Saturday, November 30, 2013
Remember who the real enemy is
Between the release of The Hunger Games and Catching Fire, Jennifer Lawrence hype boosted exponentially, everyone in the movie seems to have become more attractive and new technology married more honed film direction to deliver - after much anticipation - a satisfying sequel.
By now, Jennifer Lawrence's acting prowess is near-indisputable, Stanley Tucci's bleached teeth and infectious chortle are delightable, and newcomer Sam Claflin (who has come a long way since playing bullied-by-Captain Sparrow Philip Swift), nailing Finnick, is a welcome embellishment to the film.
Jena Malone is also - no other word for it - awesome.
Catching fire confirms that - as Haymitch puts it - "no one ever wins the Hunger Games." Like shell-shocked veterans, both Katniss and Peeta spend the first 1/2 in the shadow of their 'victory' and the bleak darkness of district 12. Both want as much distance between them and the Games as possible but facing the Victors' Tour, they are ushered back into their roles as contrived lovers (oh, the heartbreak in Peeta's eyes).
Yet something is happening in the districts - the people, having seen a scratch on the Capitol's armour, are rioting. Peeta, Katniss, the trick with the berries and the mockingjay, the very symbol of Capitol failure and the power of a simple presence, are spurring revolution against the bombast of Capitol opulence. Even - as the denouement of the Quarter Quell reveals - moles within the Capitol itself are bending the Games itself. In a world still not immune to censorship or war, the Hunger Games is an important film about survival - not only literal survival in the fight-to-death Hunger Games against other contestants (mere temporary enemies) but also perseverance under government repression, the real enemy.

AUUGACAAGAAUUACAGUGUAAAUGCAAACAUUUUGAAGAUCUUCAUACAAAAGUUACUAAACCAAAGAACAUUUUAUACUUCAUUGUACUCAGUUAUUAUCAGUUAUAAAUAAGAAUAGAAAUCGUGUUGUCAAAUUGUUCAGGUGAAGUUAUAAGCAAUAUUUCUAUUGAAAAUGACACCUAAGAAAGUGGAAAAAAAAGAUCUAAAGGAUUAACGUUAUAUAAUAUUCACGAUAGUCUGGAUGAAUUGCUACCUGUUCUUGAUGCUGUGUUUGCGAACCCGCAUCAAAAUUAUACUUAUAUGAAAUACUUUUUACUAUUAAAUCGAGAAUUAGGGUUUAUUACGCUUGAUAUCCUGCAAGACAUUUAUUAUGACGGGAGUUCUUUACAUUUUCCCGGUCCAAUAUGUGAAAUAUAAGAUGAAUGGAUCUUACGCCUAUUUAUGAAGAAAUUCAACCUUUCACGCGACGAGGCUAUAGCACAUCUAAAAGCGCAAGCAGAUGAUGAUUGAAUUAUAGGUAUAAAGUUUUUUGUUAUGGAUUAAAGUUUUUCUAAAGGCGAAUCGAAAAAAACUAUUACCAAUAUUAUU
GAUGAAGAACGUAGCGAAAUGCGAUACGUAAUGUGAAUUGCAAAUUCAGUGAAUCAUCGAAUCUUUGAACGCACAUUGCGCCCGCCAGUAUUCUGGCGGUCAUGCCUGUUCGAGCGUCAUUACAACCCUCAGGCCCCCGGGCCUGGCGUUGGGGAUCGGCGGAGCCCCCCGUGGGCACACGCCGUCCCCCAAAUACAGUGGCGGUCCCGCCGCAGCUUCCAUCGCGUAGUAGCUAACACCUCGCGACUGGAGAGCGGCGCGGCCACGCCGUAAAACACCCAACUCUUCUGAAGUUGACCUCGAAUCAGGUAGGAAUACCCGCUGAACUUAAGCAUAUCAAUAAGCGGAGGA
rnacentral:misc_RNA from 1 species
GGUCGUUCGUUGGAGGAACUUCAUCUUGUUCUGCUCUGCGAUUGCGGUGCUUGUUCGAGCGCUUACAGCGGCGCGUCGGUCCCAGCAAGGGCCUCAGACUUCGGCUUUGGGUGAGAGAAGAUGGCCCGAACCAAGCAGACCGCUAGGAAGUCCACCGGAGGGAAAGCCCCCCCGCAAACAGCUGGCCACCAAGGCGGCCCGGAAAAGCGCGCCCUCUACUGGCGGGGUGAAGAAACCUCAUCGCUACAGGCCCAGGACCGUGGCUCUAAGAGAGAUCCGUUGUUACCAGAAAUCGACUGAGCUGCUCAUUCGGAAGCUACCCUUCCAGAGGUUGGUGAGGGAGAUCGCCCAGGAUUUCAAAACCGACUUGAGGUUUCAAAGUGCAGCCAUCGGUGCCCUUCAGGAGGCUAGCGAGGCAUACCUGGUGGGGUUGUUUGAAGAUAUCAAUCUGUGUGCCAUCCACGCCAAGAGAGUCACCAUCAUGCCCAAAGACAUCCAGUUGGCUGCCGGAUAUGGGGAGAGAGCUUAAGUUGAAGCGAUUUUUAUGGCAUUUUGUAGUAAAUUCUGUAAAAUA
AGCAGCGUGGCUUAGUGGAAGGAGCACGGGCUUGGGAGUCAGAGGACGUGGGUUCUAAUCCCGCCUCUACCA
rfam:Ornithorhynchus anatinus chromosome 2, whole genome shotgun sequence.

It's a shame Peeta always seems to be overshadowed (maybe because Josh Hutcherson is short?) although he'll definitely receive more screen time in the final installation, which is in two parts. This film was long, too, around two hours! It would have still achieved impact with concision. [tangent] Why are movies getting longer, pools of resources going into movie-making, and pages of tabloids examining the details of celebrities down to each exacting detail? Entertainment has never been so accessible and desirable. [end of tangent]
When I first read Suzanne Collin's Catching Fire, I was Jonas-brother-loving, innocuous to the hardships of IB life and just getting over my Edward Cullen-phase (about to embark on the Peeta Mellark one, in fact). 2 SAT exams (never again) and a hundred+ books later, much has changed but the pleasure of watching a great, action-packed movie - despite reconfirming throughout that I would never, ever survive the Hunger Games - remains the same.
On a final note:
The repeat counter on listenonrepeat.com is telling me I've been listening to this around 30+ times now.